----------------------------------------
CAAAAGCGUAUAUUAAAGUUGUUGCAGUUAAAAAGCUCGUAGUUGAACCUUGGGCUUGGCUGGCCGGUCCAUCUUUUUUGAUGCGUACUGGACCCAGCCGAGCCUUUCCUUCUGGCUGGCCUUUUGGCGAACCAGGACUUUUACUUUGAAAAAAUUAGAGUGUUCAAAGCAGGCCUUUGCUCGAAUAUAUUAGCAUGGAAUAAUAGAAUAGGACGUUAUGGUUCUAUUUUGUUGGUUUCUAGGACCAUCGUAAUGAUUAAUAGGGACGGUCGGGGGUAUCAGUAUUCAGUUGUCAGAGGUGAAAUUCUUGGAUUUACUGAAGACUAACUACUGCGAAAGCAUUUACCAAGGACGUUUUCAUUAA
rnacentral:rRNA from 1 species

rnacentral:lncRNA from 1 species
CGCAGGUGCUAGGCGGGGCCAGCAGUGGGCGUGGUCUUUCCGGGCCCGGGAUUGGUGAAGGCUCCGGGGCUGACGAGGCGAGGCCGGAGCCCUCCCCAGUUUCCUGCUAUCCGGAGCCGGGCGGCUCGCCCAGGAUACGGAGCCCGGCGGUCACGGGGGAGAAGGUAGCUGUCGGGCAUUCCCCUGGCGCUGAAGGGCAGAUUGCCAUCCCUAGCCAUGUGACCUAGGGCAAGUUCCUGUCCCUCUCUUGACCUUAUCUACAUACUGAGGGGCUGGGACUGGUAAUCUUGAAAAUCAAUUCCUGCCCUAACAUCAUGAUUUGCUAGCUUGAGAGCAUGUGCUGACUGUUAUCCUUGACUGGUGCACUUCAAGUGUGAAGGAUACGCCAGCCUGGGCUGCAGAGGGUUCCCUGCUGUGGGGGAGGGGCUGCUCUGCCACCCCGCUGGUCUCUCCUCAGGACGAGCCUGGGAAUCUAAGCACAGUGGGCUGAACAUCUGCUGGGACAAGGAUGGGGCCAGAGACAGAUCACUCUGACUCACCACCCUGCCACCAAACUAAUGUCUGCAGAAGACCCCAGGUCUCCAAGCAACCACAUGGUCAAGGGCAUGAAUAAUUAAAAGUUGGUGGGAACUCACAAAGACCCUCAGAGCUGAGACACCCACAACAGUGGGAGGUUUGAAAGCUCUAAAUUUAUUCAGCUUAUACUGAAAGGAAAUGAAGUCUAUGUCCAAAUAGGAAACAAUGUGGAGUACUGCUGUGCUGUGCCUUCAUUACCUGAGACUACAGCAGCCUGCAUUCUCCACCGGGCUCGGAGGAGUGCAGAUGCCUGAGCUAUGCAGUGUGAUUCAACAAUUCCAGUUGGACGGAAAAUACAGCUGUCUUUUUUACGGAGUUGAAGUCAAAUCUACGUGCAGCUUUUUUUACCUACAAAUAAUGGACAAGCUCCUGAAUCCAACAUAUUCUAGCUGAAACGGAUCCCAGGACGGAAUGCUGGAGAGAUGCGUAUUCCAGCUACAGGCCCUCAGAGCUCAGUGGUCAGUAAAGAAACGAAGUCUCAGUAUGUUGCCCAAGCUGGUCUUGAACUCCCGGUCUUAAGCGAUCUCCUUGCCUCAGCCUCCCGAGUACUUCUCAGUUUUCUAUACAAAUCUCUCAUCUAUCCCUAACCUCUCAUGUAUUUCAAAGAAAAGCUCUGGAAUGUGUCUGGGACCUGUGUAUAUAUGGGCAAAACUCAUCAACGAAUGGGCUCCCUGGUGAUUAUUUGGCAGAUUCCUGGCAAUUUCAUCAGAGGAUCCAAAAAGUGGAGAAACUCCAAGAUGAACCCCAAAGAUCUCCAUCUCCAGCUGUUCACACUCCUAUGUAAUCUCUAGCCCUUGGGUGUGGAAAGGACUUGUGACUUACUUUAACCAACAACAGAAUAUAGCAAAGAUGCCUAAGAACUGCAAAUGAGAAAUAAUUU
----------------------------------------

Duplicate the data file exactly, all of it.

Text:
CAAAAGCGUAUAUUAAAGUUGUUGCAGUUAAAAAGCUCGUAGUUGAACCUUGGGCUUGGCUGGCCGGUCCAUCUUUUUUGAUGCGUACUGGACCCAGCCGAGCCUUUCCUUCUGGCUGGCCUUUUGGCGAACCAGGACUUUUACUUUGAAAAAAUUAGAGUGUUCAAAGCAGGCCUUUGCUCGAAUAUAUUAGCAUGGAAUAAUAGAAUAGGACGUUAUGGUUCUAUUUUGUUGGUUUCUAGGACCAUCGUAAUGAUUAAUAGGGACGGUCGGGGGUAUCAGUAUUCAGUUGUCAGAGGUGAAAUUCUUGGAUUUACUGAAGACUAACUACUGCGAAAGCAUUUACCAAGGACGUUUUCAUUAA
rnacentral:rRNA from 1 species

rnacentral:lncRNA from 1 species
CGCAGGUGCUAGGCGGGGCCAGCAGUGGGCGUGGUCUUUCCGGGCCCGGGAUUGGUGAAGGCUCCGGGGCUGACGAGGCGAGGCCGGAGCCCUCCCCAGUUUCCUGCUAUCCGGAGCCGGGCGGCUCGCCCAGGAUACGGAGCCCGGCGGUCACGGGGGAGAAGGUAGCUGUCGGGCAUUCCCCUGGCGCUGAAGGGCAGAUUGCCAUCCCUAGCCAUGUGACCUAGGGCAAGUUCCUGUCCCUCUCUUGACCUUAUCUACAUACUGAGGGGCUGGGACUGGUAAUCUUGAAAAUCAAUUCCUGCCCUAACAUCAUGAUUUGCUAGCUUGAGAGCAUGUGCUGACUGUUAUCCUUGACUGGUGCACUUCAAGUGUGAAGGAUACGCCAGCCUGGGCUGCAGAGGGUUCCCUGCUGUGGGGGAGGGGCUGCUCUGCCACCCCGCUGGUCUCUCCUCAGGACGAGCCUGGGAAUCUAAGCACAGUGGGCUGAACAUCUGCUGGGACAAGGAUGGGGCCAGAGACAGAUCACUCUGACUCACCACCCUGCCACCAAACUAAUGUCUGCAGAAGACCCCAGGUCUCCAAGCAACCACAUGGUCAAGGGCAUGAAUAAUUAAAAGUUGGUGGGAACUCACAAAGACCCUCAGAGCUGAGACACCCACAACAGUGGGAGGUUUGAAAGCUCUAAAUUUAUUCAGCUUAUACUGAAAGGAAAUGAAGUCUAUGUCCAAAUAGGAAACAAUGUGGAGUACUGCUGUGCUGUGCCUUCAUUACCUGAGACUACAGCAGCCUGCAUUCUCCACCGGGCUCGGAGGAGUGCAGAUGCCUGAGCUAUGCAGUGUGAUUCAACAAUUCCAGUUGGACGGAAAAUACAGCUGUCUUUUUUACGGAGUUGAAGUCAAAUCUACGUGCAGCUUUUUUUACCUACAAAUAAUGGACAAGCUCCUGAAUCCAACAUAUUCUAGCUGAAACGGAUCCCAGGACGGAAUGCUGGAGAGAUGCGUAUUCCAGCUACAGGCCCUCAGAGCUCAGUGGUCAGUAAAGAAACGAAGUCUCAGUAUGUUGCCCAAGCUGGUCUUGAACUCCCGGUCUUAAGCGAUCUCCUUGCCUCAGCCUCCCGAGUACUUCUCAGUUUUCUAUACAAAUCUCUCAUCUAUCCCUAACCUCUCAUGUAUUUCAAAGAAAAGCUCUGGAAUGUGUCUGGGACCUGUGUAUAUAUGGGCAAAACUCAUCAACGAAUGGGCUCCCUGGUGAUUAUUUGGCAGAUUCCUGGCAAUUUCAUCAGAGGAUCCAAAAAGUGGAGAAACUCCAAGAUGAACCCCAAAGAUCUCCAUCUCCAGCUGUUCACACUCCUAUGUAAUCUCUAGCCCUUGGGUGUGGAAAGGACUUGUGACUUACUUUAACCAACAACAGAAUAUAGCAAAGAUGCCUAAGAACUGCAAAUGAGAAAUAAUUU